FreeBSD email server - Part 5: Filtering mail

FreeBSD email server - Part 5: Filtering mail

Being able to send mail and not be flagged as spam is pretty awesome on itself. But you also get hit by a lot of spam. The more you give out your email address and domain name, the more spam you will receive over time. I welcome you to another part of the FreeBSD email server series. In this part, we will set up email filtering at the server side.

We will accomplish this with a couple packages, SpamAssassin and Pigeonhole. The former deals with scanning the emails to deduce whether it is spam or not. The latter filters messages. We will use this filtering to drop emails marked as spam by SpamAssassin into the Junk folder, instead of the inbox.

Installing the packages

Both packages are available through FreeBSD's pkg utility. Install them as such.

pkg install dovecot-pigeonhole spamassassin

SpamAssassin

Enabling the service

Like most services, you have to enable them as well. Pigeonhole is an extension to Dovecot, and Dovecot will handle this one. SpamAssassin requires you to configure the service as well. You can enable it and set sane configuration to it with the following two commands.

echo 'spamd_enable="YES"' >> /etc/rc.conf.local
echo 'spamd_flags="-u spamd -H /srv/mail"' >> /etc/rc.conf.local

Acquiring default spam rules

SpamAssassin has to "learn" what counts as spam and what counts as ham. To fetch these rules, you should execute the updates for SpamAssassin with the following command.

sa-update

You most likely want to run this once every while, so it is advised to setup a cronjob for this purpose.

Postfix

In order to have mails checked by SpamAssassin, Postfix must be instructed to pass all email through to SpamAssassin, which will hand them back with a X-Spam-Flag header attached to them. This header can be used by other applications to treat it as spam.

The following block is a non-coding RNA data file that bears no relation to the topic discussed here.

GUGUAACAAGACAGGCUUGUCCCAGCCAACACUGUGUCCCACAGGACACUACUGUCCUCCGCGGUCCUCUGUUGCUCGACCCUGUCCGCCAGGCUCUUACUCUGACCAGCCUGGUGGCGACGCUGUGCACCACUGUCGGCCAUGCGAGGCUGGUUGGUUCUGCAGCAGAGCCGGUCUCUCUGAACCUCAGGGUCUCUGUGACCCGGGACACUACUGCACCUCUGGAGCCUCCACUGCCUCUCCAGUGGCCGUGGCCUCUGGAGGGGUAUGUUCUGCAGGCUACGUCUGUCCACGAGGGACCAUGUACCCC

master.cf

There's not much to include to the already existing Postfix configuration to enable SpamAssassin to do its job. Just open /usr/local/etc/postfix/master.cf and append the block given below.

spamassassin  unix  -       n       n       -       -       pipe
  user=spamd argv=/usr/local/bin/spamc
  -f -e /usr/sbin/sendmail -oi -f ${sender} ${recipient}

Pigeonhole

Pigeonhole is an implementation of Sieve for Dovecot. It deals with filtering messages on the server side using a set of rules, defined in a file usually named sieve. This file is generally saved at /srv/mail/domain.tld/user/sieve. A default file to filter spam out is the following example.

require [
    "fileinto",
    "mailbox"
];

if header :contains "X-Spam-Flag" "YES" {
    fileinto :create "Junk";
    stop;
}

This looks for the X-Spam-Flag header, which is added by SpamAssassin. If it is set to YES, this indicates SpamAssassin thinks the message is spam. As such, sieve is instructed to filter this message into the folder Junk, and to create this folder if it does not exist yet. The stop; makes sieve stop trying to process this message further based on later rules.

Dovecot

Dovecot needs some additional configuration to work with Pigeonhole. Modify the following files and add the contents described.

conf.d/20-lmtp.conf

This will enable Pigeonhole in Dovecot.

protocol lmtp {
  mail_plugins = $mail_plugins sieve
}

conf.d/90-plugin.conf

This configures Pigeonhole to look for a file named sieve in the mailbox homedir, and execute that when delivering mail.

plugin {
  sieve = /srv/mail/%d/%n/sieve
}

Conclusion

Spam is a pain, especially if you get a lot of it. The configuration added in this part of the FreeBSD email server series should get rid of most of it. This also concludes the series. If you have any questions or suggestions, please contact me via any of the methods detailed on my home page.

Thanks for reading along, and enjoy your very own email server!